CCPA Data Privacy Regulations For Residents Of California

Author : Ayruz

Insight by: Ayruz

What is CCPA?

California Consumers Protection Act 2018 (Also referred to as CCPA) is a data protection act which is designed to protect the data privacy rights of the citizens residing in the state of California. It will allow consumers to force companies to tell them what personal information they have collected, which means it gives more control to consumers. It also lets consumers force companies to delete that data or to prevent them from sharing it with third parties.

When CCPA goes into effect?

California Consumer Privacy Act (CCPA) will have a significant global impact like the General Data Protection Regulation (GDPR). This California state law that was passed in June 2018; however, it doesn’t go into effect until January 1, 2020. The scope of its enforcement is for the Attorney General of California to specify no later than July 2020.

Who Does this affect?

Primarily, CCPA applies to three types of companies, such as :

  • All companies in the world that serves California residents and have at least $25 million in annual revenue.
  • Those companies which obtain personal information of at least 50,000 California residents, households, and /or devices per year. 
  • Companies of any size, who don’t have to be based in California or have a physical presence there to fall under the law; however, are related to California in one way or another, in terms of a regional office, customers. 

What is important in CCPA?

When the CCPA goes into effect, consumers will gain additional rights concerning their personal information that companies gather about them like their name, address, location, websites frequented, etc. In particular, the consumer will be allowed to:

  1. Know what personal information companies are collecting about them.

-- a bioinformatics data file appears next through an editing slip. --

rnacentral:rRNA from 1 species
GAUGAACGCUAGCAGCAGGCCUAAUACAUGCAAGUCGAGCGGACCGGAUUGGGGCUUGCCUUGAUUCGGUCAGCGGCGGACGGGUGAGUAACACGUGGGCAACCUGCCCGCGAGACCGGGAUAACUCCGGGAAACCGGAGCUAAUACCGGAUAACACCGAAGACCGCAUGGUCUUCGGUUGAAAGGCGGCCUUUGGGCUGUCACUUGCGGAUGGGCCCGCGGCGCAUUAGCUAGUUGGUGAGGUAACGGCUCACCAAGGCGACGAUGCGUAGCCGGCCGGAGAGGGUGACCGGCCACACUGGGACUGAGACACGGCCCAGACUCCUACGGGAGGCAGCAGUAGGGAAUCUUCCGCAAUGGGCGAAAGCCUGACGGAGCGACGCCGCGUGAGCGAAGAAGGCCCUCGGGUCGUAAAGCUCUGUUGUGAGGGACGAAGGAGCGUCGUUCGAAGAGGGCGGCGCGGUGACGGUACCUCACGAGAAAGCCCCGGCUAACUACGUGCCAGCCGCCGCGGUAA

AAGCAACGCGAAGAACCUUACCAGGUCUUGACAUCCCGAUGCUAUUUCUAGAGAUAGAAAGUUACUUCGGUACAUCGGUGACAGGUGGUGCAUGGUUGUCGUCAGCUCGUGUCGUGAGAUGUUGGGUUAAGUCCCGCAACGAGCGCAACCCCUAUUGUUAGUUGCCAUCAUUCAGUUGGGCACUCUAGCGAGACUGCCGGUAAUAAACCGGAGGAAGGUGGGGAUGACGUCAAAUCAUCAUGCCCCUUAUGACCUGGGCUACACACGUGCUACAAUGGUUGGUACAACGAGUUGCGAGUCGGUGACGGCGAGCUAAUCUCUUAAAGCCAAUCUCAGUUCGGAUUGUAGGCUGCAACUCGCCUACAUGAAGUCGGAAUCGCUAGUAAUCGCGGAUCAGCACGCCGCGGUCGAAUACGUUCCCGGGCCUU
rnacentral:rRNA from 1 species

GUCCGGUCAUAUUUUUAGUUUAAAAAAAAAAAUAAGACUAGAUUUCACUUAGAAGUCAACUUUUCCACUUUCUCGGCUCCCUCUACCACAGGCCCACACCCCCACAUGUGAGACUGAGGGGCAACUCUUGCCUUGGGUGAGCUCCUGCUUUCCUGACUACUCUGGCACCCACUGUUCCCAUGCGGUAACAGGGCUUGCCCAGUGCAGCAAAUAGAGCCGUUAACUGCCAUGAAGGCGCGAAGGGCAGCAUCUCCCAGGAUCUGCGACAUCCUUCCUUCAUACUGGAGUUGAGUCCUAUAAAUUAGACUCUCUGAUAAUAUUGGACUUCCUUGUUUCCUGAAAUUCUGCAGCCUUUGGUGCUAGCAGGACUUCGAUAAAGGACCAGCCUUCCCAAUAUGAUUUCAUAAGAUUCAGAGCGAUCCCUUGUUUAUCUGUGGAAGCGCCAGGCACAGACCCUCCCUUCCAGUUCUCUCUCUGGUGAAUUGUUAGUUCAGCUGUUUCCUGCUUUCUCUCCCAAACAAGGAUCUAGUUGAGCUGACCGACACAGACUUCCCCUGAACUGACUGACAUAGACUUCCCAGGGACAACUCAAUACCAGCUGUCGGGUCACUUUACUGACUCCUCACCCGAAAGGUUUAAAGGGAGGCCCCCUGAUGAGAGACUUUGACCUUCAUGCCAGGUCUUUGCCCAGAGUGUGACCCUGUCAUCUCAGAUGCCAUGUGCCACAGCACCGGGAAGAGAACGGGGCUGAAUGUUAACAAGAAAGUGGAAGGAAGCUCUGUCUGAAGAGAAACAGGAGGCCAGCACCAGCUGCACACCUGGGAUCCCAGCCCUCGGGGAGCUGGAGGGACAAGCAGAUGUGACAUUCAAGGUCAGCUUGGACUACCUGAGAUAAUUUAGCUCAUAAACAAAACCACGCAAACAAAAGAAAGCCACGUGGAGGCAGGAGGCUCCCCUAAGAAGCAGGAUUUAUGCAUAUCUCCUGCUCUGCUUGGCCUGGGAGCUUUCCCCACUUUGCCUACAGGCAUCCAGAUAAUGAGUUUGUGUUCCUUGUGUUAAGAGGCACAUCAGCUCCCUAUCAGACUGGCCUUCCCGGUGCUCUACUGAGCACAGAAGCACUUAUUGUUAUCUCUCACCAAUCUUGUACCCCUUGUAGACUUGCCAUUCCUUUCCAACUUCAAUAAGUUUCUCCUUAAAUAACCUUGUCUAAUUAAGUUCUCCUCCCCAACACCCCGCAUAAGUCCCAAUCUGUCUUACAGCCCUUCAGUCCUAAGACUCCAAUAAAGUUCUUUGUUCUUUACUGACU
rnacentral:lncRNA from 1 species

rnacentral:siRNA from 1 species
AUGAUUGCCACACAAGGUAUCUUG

2.  Say no to the sale of their personal information.
  3. Access their personal information that is collected.

Companies are required to provide equal service and pricing to customers who exercise their privacy rights. This is to ensure that companies do not treat customers differently through raising prices or discriminating in services provided if they ask about their personal information.

What are the penalties for non-compliance?

The CCPA is enforced primarily by the California attorney general, who may seek civil penalties of up to $2,500 per violation or up to $7,500 per intentional violation. The law, however, also provides a private right of action for certain data breaches arising from violations of California’s data security law. Affected California residents can seek $100 to $750 in statutory damages per individual per incident or actual damages, whichever is higher.

What happens if your company is not in compliance with the CCPA?

Companies have 30 days to conform with the law once regulators inform them of a violation. If the issue isn’t fixed, there’s a penalty of up to $7,500 per record.

Is CCPA the same as GDPR?

Both laws give individual rights to access and delete their personal information, require transparency about information use and necessitate contracts between businesses and their service providers. However, the CCPA covers fewer businesses and affords broader rights to a more limited class of individuals than the GDPR. While both the CCPA and GDPR require detailed privacy notices, the required content of those notices differs. A privacy policy that meets the requirements of the GDPR will likely not satisfy the CCPA’s requirements. The CCPA requires different privacy policy disclosures compared to the GDPR, including data sales using a broad definition of “sale.”

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